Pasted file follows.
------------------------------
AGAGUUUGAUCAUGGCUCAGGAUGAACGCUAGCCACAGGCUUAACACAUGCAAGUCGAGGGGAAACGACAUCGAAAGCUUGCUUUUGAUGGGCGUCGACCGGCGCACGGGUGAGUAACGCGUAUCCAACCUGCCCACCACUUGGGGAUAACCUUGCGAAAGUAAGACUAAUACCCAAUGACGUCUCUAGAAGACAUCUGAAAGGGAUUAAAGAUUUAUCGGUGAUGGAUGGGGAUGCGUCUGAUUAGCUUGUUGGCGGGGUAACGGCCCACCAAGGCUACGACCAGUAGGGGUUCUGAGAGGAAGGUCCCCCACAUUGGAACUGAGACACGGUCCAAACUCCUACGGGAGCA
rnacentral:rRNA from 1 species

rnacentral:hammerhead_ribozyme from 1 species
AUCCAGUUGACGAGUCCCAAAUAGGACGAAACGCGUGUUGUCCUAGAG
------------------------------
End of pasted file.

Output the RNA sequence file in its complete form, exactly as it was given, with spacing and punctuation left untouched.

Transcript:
AGAGUUUGAUCAUGGCUCAGGAUGAACGCUAGCCACAGGCUUAACACAUGCAAGUCGAGGGGAAACGACAUCGAAAGCUUGCUUUUGAUGGGCGUCGACCGGCGCACGGGUGAGUAACGCGUAUCCAACCUGCCCACCACUUGGGGAUAACCUUGCGAAAGUAAGACUAAUACCCAAUGACGUCUCUAGAAGACAUCUGAAAGGGAUUAAAGAUUUAUCGGUGAUGGAUGGGGAUGCGUCUGAUUAGCUUGUUGGCGGGGUAACGGCCCACCAAGGCUACGACCAGUAGGGGUUCUGAGAGGAAGGUCCCCCACAUUGGAACUGAGACACGGUCCAAACUCCUACGGGAGCA
rnacentral:rRNA from 1 species

rnacentral:hammerhead_ribozyme from 1 species
AUCCAGUUGACGAGUCCCAAAUAGGACGAAACGCGUGUUGUCCUAGAG